Here’s my attempt to coin some terminology, add structure and provide clarity to the plethora of new real estate businesses.

On the heels of our first-ever Agent Appreciation month, Inman is leaping into February with our Residential Finance theme month. Join us as we investigate how buying and selling a home is changing, from companies backing consumers in new ways to integrated services that handle the entire transaction.

Big and permanent change is coming to the real estate industry.

Consider the amount of capital pouring into iBuying, fintech and new business ideas around closing, title, escrow and rentals. The number of transactions from these new models are increasing as Realtors, broker-owners and the public embrace new ways of buying, selling and renting homes.

The industry is searching for a new language to describe this burgeoning real estate eco-system. Who are all of these new companies, where do they fit in and what exactly do they do?

Many will go bust, of course, but those left standing seem on track to reinvent the industry.

Here is my attempt to coin some terminology, add structure and provide clarity to the plethora of new real estate businesses. Under the umbrella of a new iMarketplace, a thirty-trillion dollar asset class — residential real estate — is being reshaped and unlocked. 

Homes will be more easily traded with new sources of liquidity and demand and more transactions, leading to a more dynamic market. Long-term, supply will be freed up and new home starts should increase.

This emerging trend also begins for the first time to integrate the steps to homeownership — home sale, loan and title — and gives consumers more choice and certainty. 

New opportunities for proactive Realtors

IBuyers, iFunders, iClosers and iRenters all sit inside this new iMarketplace. This is a starting point for explaining where this is headed.

Ted Irvine

Ted Irvine


These companies generally use institutional capital — private equity and debt —  to purchase a seller’s existing home from them fast. These speedy sales offer the customer instant liquidity for their home equity, promising certainty to the home seller and even more so for the move-up buyer. The big players in this space are Zillow, OpenDoor and Offerpad. Redfin has a small share but is expanding. New start-ups here include companies such as Sundae. Traditional franchises and brokers are also entering the market.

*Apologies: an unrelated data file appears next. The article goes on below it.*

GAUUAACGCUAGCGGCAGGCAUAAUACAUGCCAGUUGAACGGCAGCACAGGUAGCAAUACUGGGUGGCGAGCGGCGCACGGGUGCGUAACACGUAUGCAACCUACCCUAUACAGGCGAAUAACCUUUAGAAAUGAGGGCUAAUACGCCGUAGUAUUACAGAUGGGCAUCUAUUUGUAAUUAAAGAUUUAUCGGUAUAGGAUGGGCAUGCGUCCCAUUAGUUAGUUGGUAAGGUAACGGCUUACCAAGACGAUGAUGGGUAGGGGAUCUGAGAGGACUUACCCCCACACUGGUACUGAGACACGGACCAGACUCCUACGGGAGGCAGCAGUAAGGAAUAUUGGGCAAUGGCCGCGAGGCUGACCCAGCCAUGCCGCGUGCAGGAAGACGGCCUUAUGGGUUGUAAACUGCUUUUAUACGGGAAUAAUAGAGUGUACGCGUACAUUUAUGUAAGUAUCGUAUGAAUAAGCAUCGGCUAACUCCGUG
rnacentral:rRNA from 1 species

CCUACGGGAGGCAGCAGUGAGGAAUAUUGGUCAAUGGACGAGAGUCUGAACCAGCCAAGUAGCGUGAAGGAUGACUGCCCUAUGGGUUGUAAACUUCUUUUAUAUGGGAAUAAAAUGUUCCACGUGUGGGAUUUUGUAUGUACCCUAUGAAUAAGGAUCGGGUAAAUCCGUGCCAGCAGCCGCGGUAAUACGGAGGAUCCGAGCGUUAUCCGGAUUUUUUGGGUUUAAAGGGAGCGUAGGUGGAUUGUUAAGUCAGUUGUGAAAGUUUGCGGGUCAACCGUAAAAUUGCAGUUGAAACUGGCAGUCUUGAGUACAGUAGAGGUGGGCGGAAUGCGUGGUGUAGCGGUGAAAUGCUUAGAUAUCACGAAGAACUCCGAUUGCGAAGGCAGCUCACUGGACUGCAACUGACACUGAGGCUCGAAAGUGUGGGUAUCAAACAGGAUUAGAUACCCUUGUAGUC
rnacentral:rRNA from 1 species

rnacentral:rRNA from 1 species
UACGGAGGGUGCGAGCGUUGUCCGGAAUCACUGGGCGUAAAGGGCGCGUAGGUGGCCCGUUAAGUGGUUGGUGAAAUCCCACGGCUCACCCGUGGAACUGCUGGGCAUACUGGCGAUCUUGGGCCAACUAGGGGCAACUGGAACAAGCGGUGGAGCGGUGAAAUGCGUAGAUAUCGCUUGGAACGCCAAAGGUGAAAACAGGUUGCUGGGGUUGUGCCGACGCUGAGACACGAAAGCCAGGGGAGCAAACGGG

Bringing more certainty to Realtors as well, they are getting paid faster when sourcing these new options for their clients.


These companies help provide capital for consumers to purchase a home. Sometimes, they fund the purchase of a customer’s new home with cash before they sell their old home. This way the buyer can purchase before they sell and keep all of their home equity. iFunders offer an array of financial services including co-investing, shared equity, rent-to-own options and a home trade in with a cash offer. 

A horde of start-ups are entering this market including Homeward, Orchard, Flyhomes, Ribbon, Knock, Divvy, Unison, EasyKnock, Point, PatchHomes, Equity Key, Landed, ZeroDown, Fleq, Landis and Hometap. All of the big iBuyers like Zillow and Open door are also offering clever new financing schemes.

Consumers and Realtors should benefit from new ways of financing deals, reducing the number of mortgage hang-ups and delays.


These companies generally enable iBuyers and iFunders, title and escrow companies and tech brokers to deliver a streamlined closing experience. Some are trying to upend the traditional title companies. They include Qualia, StatesTitle and Spruce.

Realtors benefit from a speedier and easier closing.


These companies enable both tenants and landlords to deliver a better renting experience. They include Bungalow, Doorstead, Avail, Cozy, Latchel and ValetLiving. Short-term and vacation rentals powered by apps and tech may also be included here such as AirBnb, VRBO and HomeAway.

A new Marketplace

Under the umbrella of a burgeoning new iMarketplace, these companies offer an alternative to the traditional MLS broker-cooperation marketplace that ruled the industry for 100 years. All of the companies make one common promise: certainty. One uncertainty, however, is how many of these start-ups will survive as they fight for market share and relevance. New business models are hard to build and harder to scale.

A broader transformation may be at work here. Inman editor-at-large Clelia Peters imagines “home as a service,” in which consumers increasingly recognize their home as a financial asset. They will have greater expectations around the ease of leveraging and using their houses. This better fits a mobile workforce and expectations about homeownership by more transient generations.

Imagine signing a lease that you can take with you from home to home.

For now, the two marketplaces — the MLS marketplace and the new iMarketplace — will overlap but also sit side by side giving consumers new ways to finance, sell, buy and rent a home. 

Realtors will be more in demand as consumers sift through more choices.

Email Brad Inman

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